Scott G Winterton, Deseret News
The Arch Canyon area of Bears Ears is seen as members of the media get a chance to fly over the national monument with EcoFlight on Monday, May 8, 2017. Bears Ears National Monument's boundaries likely will be reduced to between 100,000 and 300,000 acres, and Grand Staircase-Escalante could end up anywhere from 700,000 to 1.2 million acres, a top staffer in Sen. Orrin Hatch's office said.

SALT LAKE CITY — Bears Ears National Monument's boundaries likely will be reduced to between 100,000 and 300,000 acres, and Grand Staircase-Escalante could end up anywhere from 700,000 to 1.2 million acres, a top staffer in Sen. Orrin Hatch's office said.

Ron Dean, the central and eastern Utah director in Hatch's office, briefed the Utah Legislature's Commission for the Stewardship of Public Lands in a Tuesday meeting on President Donald Trump's plans to reduce the size of the monuments.

Dean was quick to emphasize that his acreage numbers are "really grapevine," but also come with some certainty. If the boundary revisions fall outside those parameters, he said, "my rumors are bad rumors."

In the case of the 1.35-million acre Bears Ears, designated as a national monument last December by former President Barack Obama, the reduction would be significant. Grand Staircase, at nearly 1.9 million acres, would potentially be less impacted, but critics have said no reductions are acceptable.

The boundary revisions are poised to happen after Trump directed Interior Secretary Ryan Zinke to conduct a review of controversial monument designations to determine whether those previous presidential declarations fell within the scope of the 1906 Antiquities Act.

That law passed by Congress gives U.S. presidents the authority to designate or set aside land as monuments to protect objects of historic, cultural or scientific interest in the smallest area "compatible" with their care and management.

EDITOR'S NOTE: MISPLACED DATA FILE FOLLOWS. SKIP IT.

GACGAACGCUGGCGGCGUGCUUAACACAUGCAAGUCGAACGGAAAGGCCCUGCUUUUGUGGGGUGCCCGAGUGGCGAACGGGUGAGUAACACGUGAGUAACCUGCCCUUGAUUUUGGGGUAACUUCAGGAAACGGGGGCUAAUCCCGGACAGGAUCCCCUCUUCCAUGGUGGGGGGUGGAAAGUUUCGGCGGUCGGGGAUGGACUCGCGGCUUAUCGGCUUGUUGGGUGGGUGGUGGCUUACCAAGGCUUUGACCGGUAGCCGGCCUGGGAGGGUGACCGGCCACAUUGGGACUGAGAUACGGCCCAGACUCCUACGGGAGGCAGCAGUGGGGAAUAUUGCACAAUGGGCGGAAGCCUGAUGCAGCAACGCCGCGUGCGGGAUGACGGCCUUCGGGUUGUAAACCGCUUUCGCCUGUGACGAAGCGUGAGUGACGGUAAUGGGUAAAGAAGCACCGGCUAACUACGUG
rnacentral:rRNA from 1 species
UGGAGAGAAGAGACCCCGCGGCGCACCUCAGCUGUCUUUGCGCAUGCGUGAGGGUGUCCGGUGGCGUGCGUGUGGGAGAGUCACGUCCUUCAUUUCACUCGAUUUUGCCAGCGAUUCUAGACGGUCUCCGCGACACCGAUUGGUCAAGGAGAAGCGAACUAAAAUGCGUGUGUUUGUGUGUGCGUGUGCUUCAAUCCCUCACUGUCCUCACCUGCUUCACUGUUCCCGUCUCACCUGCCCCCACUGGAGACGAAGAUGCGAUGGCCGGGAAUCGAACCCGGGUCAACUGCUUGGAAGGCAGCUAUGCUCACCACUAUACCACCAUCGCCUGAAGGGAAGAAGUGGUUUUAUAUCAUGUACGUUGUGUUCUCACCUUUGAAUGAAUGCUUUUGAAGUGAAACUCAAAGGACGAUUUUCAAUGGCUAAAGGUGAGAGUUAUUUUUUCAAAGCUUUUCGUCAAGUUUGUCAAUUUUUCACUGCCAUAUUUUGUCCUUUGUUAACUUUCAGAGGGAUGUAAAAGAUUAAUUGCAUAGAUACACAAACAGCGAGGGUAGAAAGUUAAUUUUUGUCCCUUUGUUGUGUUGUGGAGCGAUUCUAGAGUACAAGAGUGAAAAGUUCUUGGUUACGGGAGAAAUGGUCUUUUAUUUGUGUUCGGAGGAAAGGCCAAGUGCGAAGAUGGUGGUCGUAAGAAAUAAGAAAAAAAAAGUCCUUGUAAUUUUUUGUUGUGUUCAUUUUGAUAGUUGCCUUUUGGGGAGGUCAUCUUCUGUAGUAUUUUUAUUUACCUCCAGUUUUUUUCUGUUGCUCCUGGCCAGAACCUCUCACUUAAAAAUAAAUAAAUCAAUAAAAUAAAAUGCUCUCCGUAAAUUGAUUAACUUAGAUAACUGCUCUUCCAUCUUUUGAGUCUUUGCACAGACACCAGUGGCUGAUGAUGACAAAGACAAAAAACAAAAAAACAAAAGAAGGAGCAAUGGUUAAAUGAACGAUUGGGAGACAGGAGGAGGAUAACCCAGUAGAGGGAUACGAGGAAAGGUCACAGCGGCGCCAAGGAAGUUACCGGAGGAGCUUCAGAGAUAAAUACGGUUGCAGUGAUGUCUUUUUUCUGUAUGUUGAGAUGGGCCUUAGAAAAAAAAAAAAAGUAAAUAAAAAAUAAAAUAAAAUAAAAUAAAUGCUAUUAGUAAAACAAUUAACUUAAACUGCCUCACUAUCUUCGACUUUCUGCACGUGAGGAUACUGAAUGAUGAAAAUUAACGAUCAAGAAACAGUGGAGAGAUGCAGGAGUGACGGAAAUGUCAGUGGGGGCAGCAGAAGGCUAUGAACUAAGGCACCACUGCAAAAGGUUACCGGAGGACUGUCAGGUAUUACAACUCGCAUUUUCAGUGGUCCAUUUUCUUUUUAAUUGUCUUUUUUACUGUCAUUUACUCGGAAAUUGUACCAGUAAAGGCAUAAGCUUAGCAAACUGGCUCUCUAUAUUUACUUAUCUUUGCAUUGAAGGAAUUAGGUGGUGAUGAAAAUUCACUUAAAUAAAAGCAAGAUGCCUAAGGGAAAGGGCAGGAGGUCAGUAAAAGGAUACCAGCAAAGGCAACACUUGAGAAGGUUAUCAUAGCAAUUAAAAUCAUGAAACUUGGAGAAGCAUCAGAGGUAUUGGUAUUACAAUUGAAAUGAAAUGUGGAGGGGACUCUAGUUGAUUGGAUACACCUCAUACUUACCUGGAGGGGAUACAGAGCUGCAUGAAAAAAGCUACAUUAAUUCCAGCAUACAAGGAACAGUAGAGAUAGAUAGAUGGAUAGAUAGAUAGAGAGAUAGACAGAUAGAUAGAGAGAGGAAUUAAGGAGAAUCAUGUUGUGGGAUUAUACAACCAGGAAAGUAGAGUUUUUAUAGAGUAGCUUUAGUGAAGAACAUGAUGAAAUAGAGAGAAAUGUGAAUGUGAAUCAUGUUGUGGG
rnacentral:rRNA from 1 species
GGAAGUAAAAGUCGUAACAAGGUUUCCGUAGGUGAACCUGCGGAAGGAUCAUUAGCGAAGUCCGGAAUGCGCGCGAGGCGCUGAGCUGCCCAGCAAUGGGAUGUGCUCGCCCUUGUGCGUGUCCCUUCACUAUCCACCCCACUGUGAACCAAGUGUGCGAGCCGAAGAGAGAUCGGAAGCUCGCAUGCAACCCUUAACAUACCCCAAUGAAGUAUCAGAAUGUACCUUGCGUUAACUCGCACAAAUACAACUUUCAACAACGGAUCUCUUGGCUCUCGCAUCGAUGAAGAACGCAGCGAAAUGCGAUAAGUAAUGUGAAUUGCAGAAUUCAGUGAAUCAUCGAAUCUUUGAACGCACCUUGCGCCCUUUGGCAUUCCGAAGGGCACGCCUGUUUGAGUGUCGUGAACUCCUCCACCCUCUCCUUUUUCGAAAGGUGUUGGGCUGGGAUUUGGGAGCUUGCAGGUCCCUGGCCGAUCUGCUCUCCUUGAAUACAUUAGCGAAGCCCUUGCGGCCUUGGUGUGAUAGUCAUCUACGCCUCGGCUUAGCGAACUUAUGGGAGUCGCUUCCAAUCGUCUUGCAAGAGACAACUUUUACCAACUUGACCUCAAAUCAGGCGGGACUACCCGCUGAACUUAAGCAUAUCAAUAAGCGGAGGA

The abrupt 1996 designation of Grand Staircase-Escalante roiled Utah's political leaders, who 20 years later vigorously objected to the creation of the Bears Ears monument.

This fall, Zinke delivered to Trump his recommendations, which have not been officially released. A leaked copy of the report indicated four monuments — two in Utah — should have boundary revisions.

Last week, Hatch said he received a phone call from Trump indicating he would shrink both monuments. Trump's press secretary said the president will visit Utah in early December.

Dean, in response to questioning from Rep. Joel Briscoe, D-Salt Lake City, said there have been multiple instances of monument boundaries reduced by U.S. presidents because of their belief the designations fell outside the scope of the law.

"I believe that will probably be the case (with that) language used in this executive order related to these monuments — that the scope of the two monuments in Utah were outside the intent of the Antiquities Act of 1906 as to their size," Dean said.

Briscoe said the pending action is troublesome to him because the first U.S. president to use the Antiquities Act, Theodore Roosevelt, designated multiple monuments, including protecting ancient relics at Mesa Verde in southwest Colorado and protecting hundreds of thousands of acres at the Grand Canyon.

But Rep. Ken Ivory, R-West Jordan, said the monument designations, their size and corresponding local consent have changed significantly over the years.

Ivory noted a report on a closed-door meeting over the Grand Staircase designation where backers took "great pains to not let anyone in Utah know that the monument designation was coming."

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"There was a joke that they would drop it on Sen. (Bob) Bennett's birthday," he said, "and wouldn't that be a funny joke to do this big monument designation."

Bennett, a Utah senator at the time of the monument's designation on Sept. 18, 1996, was born Sept. 18, 1933.

Dean said it's clear that no matter what action Trump takes to alter the boundaries, groups will sue.

"I am sure they will litigate the monument reductions on every possible legal theory," he said. "I think that is what attorneys do best."